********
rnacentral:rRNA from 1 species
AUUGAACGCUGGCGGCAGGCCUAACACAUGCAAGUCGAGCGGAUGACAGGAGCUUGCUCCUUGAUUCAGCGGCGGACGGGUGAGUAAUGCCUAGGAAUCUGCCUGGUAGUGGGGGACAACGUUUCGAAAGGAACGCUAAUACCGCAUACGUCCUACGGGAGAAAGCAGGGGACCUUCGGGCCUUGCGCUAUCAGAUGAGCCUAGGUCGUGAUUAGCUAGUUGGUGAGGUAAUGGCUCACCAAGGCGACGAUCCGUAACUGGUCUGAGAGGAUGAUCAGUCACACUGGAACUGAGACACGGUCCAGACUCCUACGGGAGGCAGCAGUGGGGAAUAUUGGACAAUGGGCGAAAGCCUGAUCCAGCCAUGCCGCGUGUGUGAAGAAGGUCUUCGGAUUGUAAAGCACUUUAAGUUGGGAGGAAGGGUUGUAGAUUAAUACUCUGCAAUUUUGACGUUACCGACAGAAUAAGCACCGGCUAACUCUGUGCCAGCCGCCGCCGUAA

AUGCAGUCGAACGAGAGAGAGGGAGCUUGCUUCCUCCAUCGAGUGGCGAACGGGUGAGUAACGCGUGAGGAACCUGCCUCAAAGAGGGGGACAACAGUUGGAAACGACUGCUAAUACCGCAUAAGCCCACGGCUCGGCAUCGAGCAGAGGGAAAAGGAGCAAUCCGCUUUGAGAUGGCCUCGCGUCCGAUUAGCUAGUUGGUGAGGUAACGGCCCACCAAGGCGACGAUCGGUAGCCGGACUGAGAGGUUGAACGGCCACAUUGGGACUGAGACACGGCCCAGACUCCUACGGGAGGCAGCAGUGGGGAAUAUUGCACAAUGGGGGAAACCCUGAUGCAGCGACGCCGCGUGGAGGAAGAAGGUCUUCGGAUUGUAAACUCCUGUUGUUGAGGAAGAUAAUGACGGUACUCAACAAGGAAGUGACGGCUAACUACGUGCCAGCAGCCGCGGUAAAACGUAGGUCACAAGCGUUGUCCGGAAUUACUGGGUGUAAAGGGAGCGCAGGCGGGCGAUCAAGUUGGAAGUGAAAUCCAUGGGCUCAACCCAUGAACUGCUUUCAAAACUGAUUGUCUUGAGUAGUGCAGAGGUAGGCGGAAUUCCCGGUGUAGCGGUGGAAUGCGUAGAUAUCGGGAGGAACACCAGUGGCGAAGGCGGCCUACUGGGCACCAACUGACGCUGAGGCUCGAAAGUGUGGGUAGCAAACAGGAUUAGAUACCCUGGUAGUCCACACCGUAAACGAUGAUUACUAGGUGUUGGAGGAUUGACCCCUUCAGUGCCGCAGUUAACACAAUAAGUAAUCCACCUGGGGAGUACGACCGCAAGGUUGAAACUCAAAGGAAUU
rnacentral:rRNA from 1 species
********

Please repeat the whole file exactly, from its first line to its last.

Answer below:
rnacentral:rRNA from 1 species
AUUGAACGCUGGCGGCAGGCCUAACACAUGCAAGUCGAGCGGAUGACAGGAGCUUGCUCCUUGAUUCAGCGGCGGACGGGUGAGUAAUGCCUAGGAAUCUGCCUGGUAGUGGGGGACAACGUUUCGAAAGGAACGCUAAUACCGCAUACGUCCUACGGGAGAAAGCAGGGGACCUUCGGGCCUUGCGCUAUCAGAUGAGCCUAGGUCGUGAUUAGCUAGUUGGUGAGGUAAUGGCUCACCAAGGCGACGAUCCGUAACUGGUCUGAGAGGAUGAUCAGUCACACUGGAACUGAGACACGGUCCAGACUCCUACGGGAGGCAGCAGUGGGGAAUAUUGGACAAUGGGCGAAAGCCUGAUCCAGCCAUGCCGCGUGUGUGAAGAAGGUCUUCGGAUUGUAAAGCACUUUAAGUUGGGAGGAAGGGUUGUAGAUUAAUACUCUGCAAUUUUGACGUUACCGACAGAAUAAGCACCGGCUAACUCUGUGCCAGCCGCCGCCGUAA

AUGCAGUCGAACGAGAGAGAGGGAGCUUGCUUCCUCCAUCGAGUGGCGAACGGGUGAGUAACGCGUGAGGAACCUGCCUCAAAGAGGGGGACAACAGUUGGAAACGACUGCUAAUACCGCAUAAGCCCACGGCUCGGCAUCGAGCAGAGGGAAAAGGAGCAAUCCGCUUUGAGAUGGCCUCGCGUCCGAUUAGCUAGUUGGUGAGGUAACGGCCCACCAAGGCGACGAUCGGUAGCCGGACUGAGAGGUUGAACGGCCACAUUGGGACUGAGACACGGCCCAGACUCCUACGGGAGGCAGCAGUGGGGAAUAUUGCACAAUGGGGGAAACCCUGAUGCAGCGACGCCGCGUGGAGGAAGAAGGUCUUCGGAUUGUAAACUCCUGUUGUUGAGGAAGAUAAUGACGGUACUCAACAAGGAAGUGACGGCUAACUACGUGCCAGCAGCCGCGGUAAAACGUAGGUCACAAGCGUUGUCCGGAAUUACUGGGUGUAAAGGGAGCGCAGGCGGGCGAUCAAGUUGGAAGUGAAAUCCAUGGGCUCAACCCAUGAACUGCUUUCAAAACUGAUUGUCUUGAGUAGUGCAGAGGUAGGCGGAAUUCCCGGUGUAGCGGUGGAAUGCGUAGAUAUCGGGAGGAACACCAGUGGCGAAGGCGGCCUACUGGGCACCAACUGACGCUGAGGCUCGAAAGUGUGGGUAGCAAACAGGAUUAGAUACCCUGGUAGUCCACACCGUAAACGAUGAUUACUAGGUGUUGGAGGAUUGACCCCUUCAGUGCCGCAGUUAACACAAUAAGUAAUCCACCUGGGGAGUACGACCGCAAGGUUGAAACUCAAAGGAAUU
rnacentral:rRNA from 1 species